As critic Beak and several of the other jazz greats drew their guns and pointed them at Buddy Bolden, I said, "Wait. You don't have to kill Buddy Bolden. There's another solution to your dilemma."
"This better be permanent," said d.j.l. Aquinas.
"Oh, it is," I said, my timetravelphone in hand. I pressed the 1907 app.
"Where the hell have you been?" said Mrs. Buddy Bolden in July, 1907. It was hot again in the Bolden home in New Orleans, I was starting to sweat already. She said, "You took off somewhere with your so-called detective friend last night and we've been searching high and low for you ever since."
"I'm sorry, dear," Buddy said. "Mr. Type and I time-traveled to New York in the year 2012 and I played my music for a group of jass experts."
"Jass experts! Time travel! That again! That's insane! That awful music of yours has given you a case of dementia praecox. I can't take it any more. I'm having you committed to an insane asylum."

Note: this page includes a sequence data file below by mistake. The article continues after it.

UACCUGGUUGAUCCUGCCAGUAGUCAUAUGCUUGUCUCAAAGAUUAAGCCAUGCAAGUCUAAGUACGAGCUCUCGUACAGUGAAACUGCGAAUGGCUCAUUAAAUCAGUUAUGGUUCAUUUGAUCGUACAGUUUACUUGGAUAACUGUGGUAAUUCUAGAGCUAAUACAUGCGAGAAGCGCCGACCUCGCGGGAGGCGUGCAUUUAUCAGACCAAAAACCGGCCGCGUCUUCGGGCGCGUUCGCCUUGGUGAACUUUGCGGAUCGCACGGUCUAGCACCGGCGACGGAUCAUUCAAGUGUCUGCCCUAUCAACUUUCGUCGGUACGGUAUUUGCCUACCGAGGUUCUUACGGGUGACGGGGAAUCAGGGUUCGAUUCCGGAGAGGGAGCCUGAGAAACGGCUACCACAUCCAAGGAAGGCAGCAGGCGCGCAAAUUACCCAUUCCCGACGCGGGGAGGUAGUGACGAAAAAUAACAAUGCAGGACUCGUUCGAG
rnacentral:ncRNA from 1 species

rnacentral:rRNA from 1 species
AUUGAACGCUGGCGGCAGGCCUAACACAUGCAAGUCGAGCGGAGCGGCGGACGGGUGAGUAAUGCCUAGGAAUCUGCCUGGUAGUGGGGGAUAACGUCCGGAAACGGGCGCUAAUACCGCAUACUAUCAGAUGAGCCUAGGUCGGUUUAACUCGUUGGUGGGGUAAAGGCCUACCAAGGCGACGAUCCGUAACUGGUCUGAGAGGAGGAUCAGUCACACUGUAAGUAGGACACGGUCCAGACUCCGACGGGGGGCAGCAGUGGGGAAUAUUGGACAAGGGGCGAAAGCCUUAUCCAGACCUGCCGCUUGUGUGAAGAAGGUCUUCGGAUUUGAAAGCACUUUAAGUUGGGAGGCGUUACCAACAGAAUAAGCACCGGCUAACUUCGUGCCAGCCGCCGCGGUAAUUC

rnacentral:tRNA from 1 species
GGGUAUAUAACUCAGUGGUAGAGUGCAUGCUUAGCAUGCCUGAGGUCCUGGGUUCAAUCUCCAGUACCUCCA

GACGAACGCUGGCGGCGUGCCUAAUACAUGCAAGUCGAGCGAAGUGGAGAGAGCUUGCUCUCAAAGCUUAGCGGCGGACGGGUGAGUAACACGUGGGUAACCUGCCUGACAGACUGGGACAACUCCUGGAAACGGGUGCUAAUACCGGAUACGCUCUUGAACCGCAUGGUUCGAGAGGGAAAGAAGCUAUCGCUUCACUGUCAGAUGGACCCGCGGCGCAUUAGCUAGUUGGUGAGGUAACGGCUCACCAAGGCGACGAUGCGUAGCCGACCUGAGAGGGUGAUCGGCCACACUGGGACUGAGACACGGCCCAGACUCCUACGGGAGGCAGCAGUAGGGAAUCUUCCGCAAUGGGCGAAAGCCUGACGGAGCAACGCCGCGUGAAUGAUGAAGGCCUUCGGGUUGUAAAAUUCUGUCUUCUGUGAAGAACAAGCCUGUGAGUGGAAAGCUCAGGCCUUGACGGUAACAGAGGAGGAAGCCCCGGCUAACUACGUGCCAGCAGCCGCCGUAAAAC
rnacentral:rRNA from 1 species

Suddenly men in white coats burst into the room. Some of them grabbed Buddy Bolden. They almost seized me but I had my timetravelphone in hand. I pressed the 2012 app just in time.
It's 2012 and I'm back in New York City. Buddy Bolden is living here with me. He's switched from cornet to trumpet. He's changed his name--I won't say what his new name is--and grown a beard and he wears new suits now. The Buddy Bolden cylinder is in a safe deposit box in a bank.
He rehearses with other musicians. He plays sometimes in places--Brooklyn, the Bronx, Queens, New Jersey--where the jazz police never go. People like his trumpet playing. He's already played with Anthony Braxton, Ornette Coleman, and Jason Adasiewicz and he wants to play with Cecil Taylor too.
About that Buddy Bolden who died in an insane asylum in 1931. That was somebody else. Clerical error.